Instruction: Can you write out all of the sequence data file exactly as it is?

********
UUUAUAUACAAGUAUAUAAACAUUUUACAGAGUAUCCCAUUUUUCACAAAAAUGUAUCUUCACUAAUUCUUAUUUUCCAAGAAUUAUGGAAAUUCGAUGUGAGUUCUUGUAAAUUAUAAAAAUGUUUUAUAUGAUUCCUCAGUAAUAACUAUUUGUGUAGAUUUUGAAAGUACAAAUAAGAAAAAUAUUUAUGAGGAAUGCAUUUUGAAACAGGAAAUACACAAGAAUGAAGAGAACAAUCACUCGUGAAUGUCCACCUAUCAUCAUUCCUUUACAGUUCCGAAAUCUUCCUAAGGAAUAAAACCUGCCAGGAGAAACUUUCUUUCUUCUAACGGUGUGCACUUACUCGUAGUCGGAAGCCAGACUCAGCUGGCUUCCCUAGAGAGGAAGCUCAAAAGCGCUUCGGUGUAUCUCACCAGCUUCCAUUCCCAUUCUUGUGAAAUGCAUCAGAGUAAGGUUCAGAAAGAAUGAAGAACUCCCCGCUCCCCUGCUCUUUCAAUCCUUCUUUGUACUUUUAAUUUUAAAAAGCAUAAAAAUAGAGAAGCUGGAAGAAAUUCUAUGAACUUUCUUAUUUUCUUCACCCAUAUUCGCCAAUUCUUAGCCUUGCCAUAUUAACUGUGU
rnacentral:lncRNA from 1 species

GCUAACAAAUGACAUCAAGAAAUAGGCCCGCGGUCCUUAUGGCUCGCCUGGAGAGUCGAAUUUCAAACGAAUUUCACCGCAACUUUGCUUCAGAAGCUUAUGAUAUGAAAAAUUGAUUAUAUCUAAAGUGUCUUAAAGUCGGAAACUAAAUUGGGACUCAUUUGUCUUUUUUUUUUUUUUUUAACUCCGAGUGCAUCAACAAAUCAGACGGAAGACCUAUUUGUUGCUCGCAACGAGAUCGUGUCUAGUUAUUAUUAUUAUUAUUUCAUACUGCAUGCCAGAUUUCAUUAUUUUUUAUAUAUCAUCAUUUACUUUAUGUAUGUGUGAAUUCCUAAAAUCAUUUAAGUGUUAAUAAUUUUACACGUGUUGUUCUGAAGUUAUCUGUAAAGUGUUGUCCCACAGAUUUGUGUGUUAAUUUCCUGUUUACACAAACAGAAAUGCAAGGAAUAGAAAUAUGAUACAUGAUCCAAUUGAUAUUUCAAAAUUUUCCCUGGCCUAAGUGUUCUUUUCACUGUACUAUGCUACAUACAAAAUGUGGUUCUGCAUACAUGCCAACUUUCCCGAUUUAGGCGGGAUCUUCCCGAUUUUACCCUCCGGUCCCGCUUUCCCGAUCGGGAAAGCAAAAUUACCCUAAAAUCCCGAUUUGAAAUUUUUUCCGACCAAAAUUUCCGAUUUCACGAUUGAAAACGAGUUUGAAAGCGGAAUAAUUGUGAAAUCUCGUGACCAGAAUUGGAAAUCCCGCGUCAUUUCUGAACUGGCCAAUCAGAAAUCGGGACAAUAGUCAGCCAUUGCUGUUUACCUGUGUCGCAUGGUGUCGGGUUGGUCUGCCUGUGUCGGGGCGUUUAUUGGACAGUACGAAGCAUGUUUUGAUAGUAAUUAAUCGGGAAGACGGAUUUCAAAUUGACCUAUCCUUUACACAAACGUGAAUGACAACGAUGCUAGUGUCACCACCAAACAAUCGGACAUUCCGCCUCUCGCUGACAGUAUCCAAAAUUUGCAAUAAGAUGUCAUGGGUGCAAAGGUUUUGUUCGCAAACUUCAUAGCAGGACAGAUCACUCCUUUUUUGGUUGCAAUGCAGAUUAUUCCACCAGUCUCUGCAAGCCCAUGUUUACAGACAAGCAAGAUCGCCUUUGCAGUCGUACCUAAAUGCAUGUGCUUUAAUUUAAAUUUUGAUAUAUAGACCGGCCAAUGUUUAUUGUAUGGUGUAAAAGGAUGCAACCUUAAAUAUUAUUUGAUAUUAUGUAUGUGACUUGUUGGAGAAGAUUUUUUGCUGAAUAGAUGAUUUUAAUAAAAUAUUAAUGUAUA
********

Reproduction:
UUUAUAUACAAGUAUAUAAACAUUUUACAGAGUAUCCCAUUUUUCACAAAAAUGUAUCUUCACUAAUUCUUAUUUUCCAAGAAUUAUGGAAAUUCGAUGUGAGUUCUUGUAAAUUAUAAAAAUGUUUUAUAUGAUUCCUCAGUAAUAACUAUUUGUGUAGAUUUUGAAAGUACAAAUAAGAAAAAUAUUUAUGAGGAAUGCAUUUUGAAACAGGAAAUACACAAGAAUGAAGAGAACAAUCACUCGUGAAUGUCCACCUAUCAUCAUUCCUUUACAGUUCCGAAAUCUUCCUAAGGAAUAAAACCUGCCAGGAGAAACUUUCUUUCUUCUAACGGUGUGCACUUACUCGUAGUCGGAAGCCAGACUCAGCUGGCUUCCCUAGAGAGGAAGCUCAAAAGCGCUUCGGUGUAUCUCACCAGCUUCCAUUCCCAUUCUUGUGAAAUGCAUCAGAGUAAGGUUCAGAAAGAAUGAAGAACUCCCCGCUCCCCUGCUCUUUCAAUCCUUCUUUGUACUUUUAAUUUUAAAAAGCAUAAAAAUAGAGAAGCUGGAAGAAAUUCUAUGAACUUUCUUAUUUUCUUCACCCAUAUUCGCCAAUUCUUAGCCUUGCCAUAUUAACUGUGU
rnacentral:lncRNA from 1 species

GCUAACAAAUGACAUCAAGAAAUAGGCCCGCGGUCCUUAUGGCUCGCCUGGAGAGUCGAAUUUCAAACGAAUUUCACCGCAACUUUGCUUCAGAAGCUUAUGAUAUGAAAAAUUGAUUAUAUCUAAAGUGUCUUAAAGUCGGAAACUAAAUUGGGACUCAUUUGUCUUUUUUUUUUUUUUUUAACUCCGAGUGCAUCAACAAAUCAGACGGAAGACCUAUUUGUUGCUCGCAACGAGAUCGUGUCUAGUUAUUAUUAUUAUUAUUUCAUACUGCAUGCCAGAUUUCAUUAUUUUUUAUAUAUCAUCAUUUACUUUAUGUAUGUGUGAAUUCCUAAAAUCAUUUAAGUGUUAAUAAUUUUACACGUGUUGUUCUGAAGUUAUCUGUAAAGUGUUGUCCCACAGAUUUGUGUGUUAAUUUCCUGUUUACACAAACAGAAAUGCAAGGAAUAGAAAUAUGAUACAUGAUCCAAUUGAUAUUUCAAAAUUUUCCCUGGCCUAAGUGUUCUUUUCACUGUACUAUGCUACAUACAAAAUGUGGUUCUGCAUACAUGCCAACUUUCCCGAUUUAGGCGGGAUCUUCCCGAUUUUACCCUCCGGUCCCGCUUUCCCGAUCGGGAAAGCAAAAUUACCCUAAAAUCCCGAUUUGAAAUUUUUUCCGACCAAAAUUUCCGAUUUCACGAUUGAAAACGAGUUUGAAAGCGGAAUAAUUGUGAAAUCUCGUGACCAGAAUUGGAAAUCCCGCGUCAUUUCUGAACUGGCCAAUCAGAAAUCGGGACAAUAGUCAGCCAUUGCUGUUUACCUGUGUCGCAUGGUGUCGGGUUGGUCUGCCUGUGUCGGGGCGUUUAUUGGACAGUACGAAGCAUGUUUUGAUAGUAAUUAAUCGGGAAGACGGAUUUCAAAUUGACCUAUCCUUUACACAAACGUGAAUGACAACGAUGCUAGUGUCACCACCAAACAAUCGGACAUUCCGCCUCUCGCUGACAGUAUCCAAAAUUUGCAAUAAGAUGUCAUGGGUGCAAAGGUUUUGUUCGCAAACUUCAUAGCAGGACAGAUCACUCCUUUUUUGGUUGCAAUGCAGAUUAUUCCACCAGUCUCUGCAAGCCCAUGUUUACAGACAAGCAAGAUCGCCUUUGCAGUCGUACCUAAAUGCAUGUGCUUUAAUUUAAAUUUUGAUAUAUAGACCGGCCAAUGUUUAUUGUAUGGUGUAAAAGGAUGCAACCUUAAAUAUUAUUUGAUAUUAUGUAUGUGACUUGUUGGAGAAGAUUUUUUGCUGAAUAGAUGAUUUUAAUAAAAUAUUAAUGUAUA